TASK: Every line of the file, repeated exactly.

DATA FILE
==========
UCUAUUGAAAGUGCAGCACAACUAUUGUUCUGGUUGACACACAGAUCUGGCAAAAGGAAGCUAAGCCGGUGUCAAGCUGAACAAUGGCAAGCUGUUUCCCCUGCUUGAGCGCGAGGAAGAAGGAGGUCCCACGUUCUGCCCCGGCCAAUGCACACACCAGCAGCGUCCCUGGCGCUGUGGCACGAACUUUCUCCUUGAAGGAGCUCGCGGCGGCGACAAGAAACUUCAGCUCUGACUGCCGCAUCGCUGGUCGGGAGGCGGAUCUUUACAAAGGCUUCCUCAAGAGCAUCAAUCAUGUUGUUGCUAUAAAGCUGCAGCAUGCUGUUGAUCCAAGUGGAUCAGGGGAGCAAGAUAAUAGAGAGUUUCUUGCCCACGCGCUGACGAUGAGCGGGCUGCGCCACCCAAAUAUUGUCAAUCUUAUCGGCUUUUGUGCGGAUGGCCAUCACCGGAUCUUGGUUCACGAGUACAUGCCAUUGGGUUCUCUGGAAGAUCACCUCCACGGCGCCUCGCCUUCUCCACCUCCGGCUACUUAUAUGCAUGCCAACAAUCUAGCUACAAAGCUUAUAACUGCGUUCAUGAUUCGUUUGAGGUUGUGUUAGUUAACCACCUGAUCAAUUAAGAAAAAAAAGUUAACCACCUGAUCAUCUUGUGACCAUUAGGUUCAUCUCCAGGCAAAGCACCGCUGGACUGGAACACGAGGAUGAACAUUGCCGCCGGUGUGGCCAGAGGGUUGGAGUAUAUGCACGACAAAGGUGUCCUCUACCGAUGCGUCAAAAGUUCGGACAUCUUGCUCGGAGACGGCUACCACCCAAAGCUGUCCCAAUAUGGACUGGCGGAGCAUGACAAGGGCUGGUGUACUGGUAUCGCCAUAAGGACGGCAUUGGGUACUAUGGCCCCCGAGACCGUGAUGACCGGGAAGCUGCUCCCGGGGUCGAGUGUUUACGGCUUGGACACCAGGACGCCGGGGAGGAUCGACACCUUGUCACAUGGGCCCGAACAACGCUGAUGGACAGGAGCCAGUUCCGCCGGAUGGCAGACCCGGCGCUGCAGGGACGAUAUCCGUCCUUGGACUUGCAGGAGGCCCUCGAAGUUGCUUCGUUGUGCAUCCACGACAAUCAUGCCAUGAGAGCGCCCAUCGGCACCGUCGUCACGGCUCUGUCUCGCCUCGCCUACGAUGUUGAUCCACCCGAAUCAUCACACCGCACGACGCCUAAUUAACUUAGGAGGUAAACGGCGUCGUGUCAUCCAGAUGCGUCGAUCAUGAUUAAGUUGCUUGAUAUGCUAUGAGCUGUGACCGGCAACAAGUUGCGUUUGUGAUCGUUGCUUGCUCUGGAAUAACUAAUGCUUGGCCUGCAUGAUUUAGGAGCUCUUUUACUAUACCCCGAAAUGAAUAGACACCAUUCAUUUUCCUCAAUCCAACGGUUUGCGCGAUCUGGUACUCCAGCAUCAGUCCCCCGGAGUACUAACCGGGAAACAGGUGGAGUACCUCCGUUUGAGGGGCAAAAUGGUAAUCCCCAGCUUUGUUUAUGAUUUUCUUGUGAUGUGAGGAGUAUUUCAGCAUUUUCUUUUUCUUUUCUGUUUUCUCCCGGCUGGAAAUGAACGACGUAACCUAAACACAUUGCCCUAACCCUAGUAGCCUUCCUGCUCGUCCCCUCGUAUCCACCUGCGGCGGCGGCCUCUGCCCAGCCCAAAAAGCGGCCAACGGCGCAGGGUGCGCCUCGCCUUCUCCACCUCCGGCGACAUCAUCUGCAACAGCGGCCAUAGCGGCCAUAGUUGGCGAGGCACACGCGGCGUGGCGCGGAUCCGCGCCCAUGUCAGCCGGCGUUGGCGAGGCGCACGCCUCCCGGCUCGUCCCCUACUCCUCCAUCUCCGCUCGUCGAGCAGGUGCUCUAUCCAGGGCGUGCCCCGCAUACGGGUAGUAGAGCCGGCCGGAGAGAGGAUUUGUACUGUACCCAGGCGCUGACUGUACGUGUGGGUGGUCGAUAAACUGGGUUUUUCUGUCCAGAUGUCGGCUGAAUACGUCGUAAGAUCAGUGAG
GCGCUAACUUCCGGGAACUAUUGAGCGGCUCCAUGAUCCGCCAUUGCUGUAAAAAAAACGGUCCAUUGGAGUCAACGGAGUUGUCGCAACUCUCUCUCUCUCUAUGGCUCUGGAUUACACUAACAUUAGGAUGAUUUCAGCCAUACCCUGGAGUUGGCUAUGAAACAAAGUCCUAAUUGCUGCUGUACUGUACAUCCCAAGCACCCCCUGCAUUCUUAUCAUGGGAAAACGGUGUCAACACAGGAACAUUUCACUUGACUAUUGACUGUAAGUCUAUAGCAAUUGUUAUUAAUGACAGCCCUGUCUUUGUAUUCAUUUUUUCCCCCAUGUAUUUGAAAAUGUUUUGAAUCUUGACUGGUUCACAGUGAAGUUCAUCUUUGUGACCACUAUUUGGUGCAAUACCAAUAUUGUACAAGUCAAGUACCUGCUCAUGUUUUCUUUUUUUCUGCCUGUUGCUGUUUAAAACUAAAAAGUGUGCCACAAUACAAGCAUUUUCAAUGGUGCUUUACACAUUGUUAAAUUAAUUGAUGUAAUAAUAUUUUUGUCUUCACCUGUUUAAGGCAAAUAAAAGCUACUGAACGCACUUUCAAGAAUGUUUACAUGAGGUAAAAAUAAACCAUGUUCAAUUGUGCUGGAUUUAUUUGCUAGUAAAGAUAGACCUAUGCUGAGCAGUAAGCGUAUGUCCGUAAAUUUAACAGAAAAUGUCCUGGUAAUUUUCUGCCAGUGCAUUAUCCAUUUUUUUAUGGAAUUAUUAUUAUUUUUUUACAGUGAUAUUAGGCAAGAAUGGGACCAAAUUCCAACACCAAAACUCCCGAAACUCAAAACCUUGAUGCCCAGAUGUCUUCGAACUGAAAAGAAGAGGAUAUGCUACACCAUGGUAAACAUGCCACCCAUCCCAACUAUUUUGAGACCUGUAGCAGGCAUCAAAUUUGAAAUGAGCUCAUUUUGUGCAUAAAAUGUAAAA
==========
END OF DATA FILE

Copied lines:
UCUAUUGAAAGUGCAGCACAACUAUUGUUCUGGUUGACACACAGAUCUGGCAAAAGGAAGCUAAGCCGGUGUCAAGCUGAACAAUGGCAAGCUGUUUCCCCUGCUUGAGCGCGAGGAAGAAGGAGGUCCCACGUUCUGCCCCGGCCAAUGCACACACCAGCAGCGUCCCUGGCGCUGUGGCACGAACUUUCUCCUUGAAGGAGCUCGCGGCGGCGACAAGAAACUUCAGCUCUGACUGCCGCAUCGCUGGUCGGGAGGCGGAUCUUUACAAAGGCUUCCUCAAGAGCAUCAAUCAUGUUGUUGCUAUAAAGCUGCAGCAUGCUGUUGAUCCAAGUGGAUCAGGGGAGCAAGAUAAUAGAGAGUUUCUUGCCCACGCGCUGACGAUGAGCGGGCUGCGCCACCCAAAUAUUGUCAAUCUUAUCGGCUUUUGUGCGGAUGGCCAUCACCGGAUCUUGGUUCACGAGUACAUGCCAUUGGGUUCUCUGGAAGAUCACCUCCACGGCGCCUCGCCUUCUCCACCUCCGGCUACUUAUAUGCAUGCCAACAAUCUAGCUACAAAGCUUAUAACUGCGUUCAUGAUUCGUUUGAGGUUGUGUUAGUUAACCACCUGAUCAAUUAAGAAAAAAAAGUUAACCACCUGAUCAUCUUGUGACCAUUAGGUUCAUCUCCAGGCAAAGCACCGCUGGACUGGAACACGAGGAUGAACAUUGCCGCCGGUGUGGCCAGAGGGUUGGAGUAUAUGCACGACAAAGGUGUCCUCUACCGAUGCGUCAAAAGUUCGGACAUCUUGCUCGGAGACGGCUACCACCCAAAGCUGUCCCAAUAUGGACUGGCGGAGCAUGACAAGGGCUGGUGUACUGGUAUCGCCAUAAGGACGGCAUUGGGUACUAUGGCCCCCGAGACCGUGAUGACCGGGAAGCUGCUCCCGGGGUCGAGUGUUUACGGCUUGGACACCAGGACGCCGGGGAGGAUCGACACCUUGUCACAUGGGCCCGAACAACGCUGAUGGACAGGAGCCAGUUCCGCCGGAUGGCAGACCCGGCGCUGCAGGGACGAUAUCCGUCCUUGGACUUGCAGGAGGCCCUCGAAGUUGCUUCGUUGUGCAUCCACGACAAUCAUGCCAUGAGAGCGCCCAUCGGCACCGUCGUCACGGCUCUGUCUCGCCUCGCCUACGAUGUUGAUCCACCCGAAUCAUCACACCGCACGACGCCUAAUUAACUUAGGAGGUAAACGGCGUCGUGUCAUCCAGAUGCGUCGAUCAUGAUUAAGUUGCUUGAUAUGCUAUGAGCUGUGACCGGCAACAAGUUGCGUUUGUGAUCGUUGCUUGCUCUGGAAUAACUAAUGCUUGGCCUGCAUGAUUUAGGAGCUCUUUUACUAUACCCCGAAAUGAAUAGACACCAUUCAUUUUCCUCAAUCCAACGGUUUGCGCGAUCUGGUACUCCAGCAUCAGUCCCCCGGAGUACUAACCGGGAAACAGGUGGAGUACCUCCGUUUGAGGGGCAAAAUGGUAAUCCCCAGCUUUGUUUAUGAUUUUCUUGUGAUGUGAGGAGUAUUUCAGCAUUUUCUUUUUCUUUUCUGUUUUCUCCCGGCUGGAAAUGAACGACGUAACCUAAACACAUUGCCCUAACCCUAGUAGCCUUCCUGCUCGUCCCCUCGUAUCCACCUGCGGCGGCGGCCUCUGCCCAGCCCAAAAAGCGGCCAACGGCGCAGGGUGCGCCUCGCCUUCUCCACCUCCGGCGACAUCAUCUGCAACAGCGGCCAUAGCGGCCAUAGUUGGCGAGGCACACGCGGCGUGGCGCGGAUCCGCGCCCAUGUCAGCCGGCGUUGGCGAGGCGCACGCCUCCCGGCUCGUCCCCUACUCCUCCAUCUCCGCUCGUCGAGCAGGUGCUCUAUCCAGGGCGUGCCCCGCAUACGGGUAGUAGAGCCGGCCGGAGAGAGGAUUUGUACUGUACCCAGGCGCUGACUGUACGUGUGGGUGGUCGAUAAACUGGGUUUUUCUGUCCAGAUGUCGGCUGAAUACGUCGUAAGAUCAGUGAG
GCGCUAACUUCCGGGAACUAUUGAGCGGCUCCAUGAUCCGCCAUUGCUGUAAAAAAAACGGUCCAUUGGAGUCAACGGAGUUGUCGCAACUCUCUCUCUCUCUAUGGCUCUGGAUUACACUAACAUUAGGAUGAUUUCAGCCAUACCCUGGAGUUGGCUAUGAAACAAAGUCCUAAUUGCUGCUGUACUGUACAUCCCAAGCACCCCCUGCAUUCUUAUCAUGGGAAAACGGUGUCAACACAGGAACAUUUCACUUGACUAUUGACUGUAAGUCUAUAGCAAUUGUUAUUAAUGACAGCCCUGUCUUUGUAUUCAUUUUUUCCCCCAUGUAUUUGAAAAUGUUUUGAAUCUUGACUGGUUCACAGUGAAGUUCAUCUUUGUGACCACUAUUUGGUGCAAUACCAAUAUUGUACAAGUCAAGUACCUGCUCAUGUUUUCUUUUUUUCUGCCUGUUGCUGUUUAAAACUAAAAAGUGUGCCACAAUACAAGCAUUUUCAAUGGUGCUUUACACAUUGUUAAAUUAAUUGAUGUAAUAAUAUUUUUGUCUUCACCUGUUUAAGGCAAAUAAAAGCUACUGAACGCACUUUCAAGAAUGUUUACAUGAGGUAAAAAUAAACCAUGUUCAAUUGUGCUGGAUUUAUUUGCUAGUAAAGAUAGACCUAUGCUGAGCAGUAAGCGUAUGUCCGUAAAUUUAACAGAAAAUGUCCUGGUAAUUUUCUGCCAGUGCAUUAUCCAUUUUUUUAUGGAAUUAUUAUUAUUUUUUUACAGUGAUAUUAGGCAAGAAUGGGACCAAAUUCCAACACCAAAACUCCCGAAACUCAAAACCUUGAUGCCCAGAUGUCUUCGAACUGAAAAGAAGAGGAUAUGCUACACCAUGGUAAACAUGCCACCCAUCCCAACUAUUUUGAGACCUGUAGCAGGCAUCAAAUUUGAAAUGAGCUCAUUUUGUGCAUAAAAUGUAAAA